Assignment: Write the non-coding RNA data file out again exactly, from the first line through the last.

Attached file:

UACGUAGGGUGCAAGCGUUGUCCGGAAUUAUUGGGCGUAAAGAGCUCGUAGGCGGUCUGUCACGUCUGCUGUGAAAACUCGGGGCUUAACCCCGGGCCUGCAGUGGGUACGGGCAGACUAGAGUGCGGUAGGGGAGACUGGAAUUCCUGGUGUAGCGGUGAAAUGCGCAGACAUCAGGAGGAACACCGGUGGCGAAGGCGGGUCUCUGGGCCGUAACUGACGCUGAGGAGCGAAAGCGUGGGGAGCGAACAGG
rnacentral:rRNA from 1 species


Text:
UACGUAGGGUGCAAGCGUUGUCCGGAAUUAUUGGGCGUAAAGAGCUCGUAGGCGGUCUGUCACGUCUGCUGUGAAAACUCGGGGCUUAACCCCGGGCCUGCAGUGGGUACGGGCAGACUAGAGUGCGGUAGGGGAGACUGGAAUUCCUGGUGUAGCGGUGAAAUGCGCAGACAUCAGGAGGAACACCGGUGGCGAAGGCGGGUCUCUGGGCCGUAACUGACGCUGAGGAGCGAAAGCGUGGGGAGCGAACAGG
rnacentral:rRNA from 1 species